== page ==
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Venezuelan President Sees Many Plots To Kill Him

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Nicolás Maduro, President of Venezuela

As Venezuelan President Nicolás Maduro tells it, he lives in a very dangerous world. Since narrowly winning election in April, his administration has said there have been almost a dozen plans to murder him.

The latest accusation came Wednesday after Maduro canceled his visit to the United Nations General Assembly and a speech in Bronx at the last minute. He then accused Roger Noriega, a former U.S. ambassador to the Organization of American States and beltway insider, and fellow former diplomat Otto Reich of a “crazy plan” to incite violence in New York, or, perhaps, even kill him.

Speaking from Washington on Thursday, Noriega said he has lost track of how many times Maduro has falsely accused him of plotting his demise.

“It’s not stressful,” he said of the recurring allegations. “I think Maduro is under more pressure than I am, and his comments reflect that. … He needs a boogeyman.”

Some of the alleged plots are modest, such as the assassins Maduro said crossed the Colombian border at the behest of former Colombian President Alvaro Uribe. Others seem straight out of Hollywood: Former Vice President Jose Vicente Rangel once said the opposition had purchased 18 jet-fighters that were going to operate from a U.S. military base in Colombia. The plots are such a hot topic in Venezuela that Ultimas Noticias newspaper has put out an interactive graphic to track them.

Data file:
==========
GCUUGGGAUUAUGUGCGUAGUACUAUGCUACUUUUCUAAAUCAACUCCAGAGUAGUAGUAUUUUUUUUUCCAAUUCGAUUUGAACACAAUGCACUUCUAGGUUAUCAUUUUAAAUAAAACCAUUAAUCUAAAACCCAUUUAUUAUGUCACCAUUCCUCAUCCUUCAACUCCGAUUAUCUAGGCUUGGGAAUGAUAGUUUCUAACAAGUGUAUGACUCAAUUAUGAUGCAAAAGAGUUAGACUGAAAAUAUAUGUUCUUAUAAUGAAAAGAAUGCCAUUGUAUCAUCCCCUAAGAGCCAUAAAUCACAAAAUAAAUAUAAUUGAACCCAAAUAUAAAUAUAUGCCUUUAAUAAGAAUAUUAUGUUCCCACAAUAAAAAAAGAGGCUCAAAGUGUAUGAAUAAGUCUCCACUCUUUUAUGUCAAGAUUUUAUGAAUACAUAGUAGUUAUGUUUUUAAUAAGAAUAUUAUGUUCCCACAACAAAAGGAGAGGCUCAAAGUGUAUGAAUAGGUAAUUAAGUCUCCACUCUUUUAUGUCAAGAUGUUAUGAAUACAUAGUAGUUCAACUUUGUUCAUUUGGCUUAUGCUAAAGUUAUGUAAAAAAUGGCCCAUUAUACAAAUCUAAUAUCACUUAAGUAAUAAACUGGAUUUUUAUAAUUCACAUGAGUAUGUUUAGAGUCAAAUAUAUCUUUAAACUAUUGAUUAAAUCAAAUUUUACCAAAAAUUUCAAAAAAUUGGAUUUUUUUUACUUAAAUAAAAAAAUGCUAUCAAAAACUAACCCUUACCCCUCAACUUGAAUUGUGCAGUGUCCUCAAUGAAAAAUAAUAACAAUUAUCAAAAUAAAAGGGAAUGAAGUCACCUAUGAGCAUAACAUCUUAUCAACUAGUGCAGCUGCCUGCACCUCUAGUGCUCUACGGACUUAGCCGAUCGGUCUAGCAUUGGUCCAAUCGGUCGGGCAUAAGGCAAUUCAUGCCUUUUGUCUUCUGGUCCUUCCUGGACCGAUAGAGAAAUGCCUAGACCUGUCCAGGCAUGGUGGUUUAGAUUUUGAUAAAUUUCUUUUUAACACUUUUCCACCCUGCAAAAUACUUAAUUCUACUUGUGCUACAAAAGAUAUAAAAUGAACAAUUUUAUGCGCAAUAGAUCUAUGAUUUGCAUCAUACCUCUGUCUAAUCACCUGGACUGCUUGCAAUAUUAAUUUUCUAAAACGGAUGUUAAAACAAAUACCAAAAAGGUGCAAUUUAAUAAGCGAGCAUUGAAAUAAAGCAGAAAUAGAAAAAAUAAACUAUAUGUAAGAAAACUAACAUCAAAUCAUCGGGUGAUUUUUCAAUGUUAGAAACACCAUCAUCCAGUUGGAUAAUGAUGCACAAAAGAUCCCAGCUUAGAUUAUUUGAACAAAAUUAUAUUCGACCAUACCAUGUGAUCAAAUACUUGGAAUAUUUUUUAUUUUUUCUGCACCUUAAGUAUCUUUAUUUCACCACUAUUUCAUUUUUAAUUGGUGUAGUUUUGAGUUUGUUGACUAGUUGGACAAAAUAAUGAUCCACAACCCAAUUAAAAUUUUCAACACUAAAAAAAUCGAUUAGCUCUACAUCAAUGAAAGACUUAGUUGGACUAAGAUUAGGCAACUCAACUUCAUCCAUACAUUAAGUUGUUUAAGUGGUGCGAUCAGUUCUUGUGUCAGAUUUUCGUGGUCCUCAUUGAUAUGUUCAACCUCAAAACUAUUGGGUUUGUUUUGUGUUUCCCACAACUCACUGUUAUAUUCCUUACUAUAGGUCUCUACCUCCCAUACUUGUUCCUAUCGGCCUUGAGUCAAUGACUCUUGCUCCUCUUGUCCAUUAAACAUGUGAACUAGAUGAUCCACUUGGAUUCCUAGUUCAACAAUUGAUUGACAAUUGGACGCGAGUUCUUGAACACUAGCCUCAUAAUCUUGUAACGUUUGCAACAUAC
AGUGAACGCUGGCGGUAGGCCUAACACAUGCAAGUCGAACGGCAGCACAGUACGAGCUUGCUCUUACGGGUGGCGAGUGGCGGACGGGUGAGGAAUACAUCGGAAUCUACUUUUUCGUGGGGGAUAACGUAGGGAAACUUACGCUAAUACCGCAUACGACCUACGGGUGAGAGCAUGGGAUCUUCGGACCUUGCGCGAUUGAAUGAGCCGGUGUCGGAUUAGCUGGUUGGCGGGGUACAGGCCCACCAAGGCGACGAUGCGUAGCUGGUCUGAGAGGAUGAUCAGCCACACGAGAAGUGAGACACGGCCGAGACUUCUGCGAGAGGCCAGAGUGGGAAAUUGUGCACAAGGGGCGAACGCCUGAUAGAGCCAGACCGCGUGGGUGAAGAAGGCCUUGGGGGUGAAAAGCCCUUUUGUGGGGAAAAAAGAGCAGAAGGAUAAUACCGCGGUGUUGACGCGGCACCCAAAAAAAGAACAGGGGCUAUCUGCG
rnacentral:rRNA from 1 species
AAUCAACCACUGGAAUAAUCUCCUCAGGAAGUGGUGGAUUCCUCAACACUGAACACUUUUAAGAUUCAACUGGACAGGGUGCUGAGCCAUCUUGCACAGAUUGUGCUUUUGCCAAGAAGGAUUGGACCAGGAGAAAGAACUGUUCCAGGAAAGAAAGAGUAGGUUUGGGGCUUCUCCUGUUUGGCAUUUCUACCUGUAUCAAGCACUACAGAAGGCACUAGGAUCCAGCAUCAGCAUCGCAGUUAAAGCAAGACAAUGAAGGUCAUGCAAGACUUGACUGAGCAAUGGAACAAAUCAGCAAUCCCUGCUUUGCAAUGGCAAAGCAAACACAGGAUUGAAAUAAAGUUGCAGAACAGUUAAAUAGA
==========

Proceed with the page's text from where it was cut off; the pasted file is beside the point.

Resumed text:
Even more prevalent than assassination threats are acts of economic “sabotage” that have been blamed for such problems as power blackouts, and chronic shortages of chicken and toilet paper. Since mid-April, Maduro’s press office has sent out at least 144 communiques that mention “sabotage.”

 

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Nicolás Maduro, President of Venezuela
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Maria Milosheva

Maria was born, raised and currently lives in Sofia, Bulgaria, EU. She is a journalist by profession and practices psychological consultation for the past few years. Maria worked as a reporter/journalist for a number of newspapers and radio stations. She served as a chief-editor of the National Library's monthly magazine Librarian for a number of years. Maria started drawing in 1991, urged by a strong inner need to recreate the reality beyond the usual – the world of forms and details… She has taken part in various exhibitions and her work is in a number of private collections around the world. It can be seen at MarmiArt.com. Maria's drawings are created using mixed techniques – aquarelle, tempera, ink, pencils, etc. They are unique and have no names. Their eventual owners would give them names, effectively becoming a part of the process of creating them. Every one can charge their own drawing with one's own energy and identify it with one's self. The drawings will repay generously, predisposing for calm moments of reflection and meditation.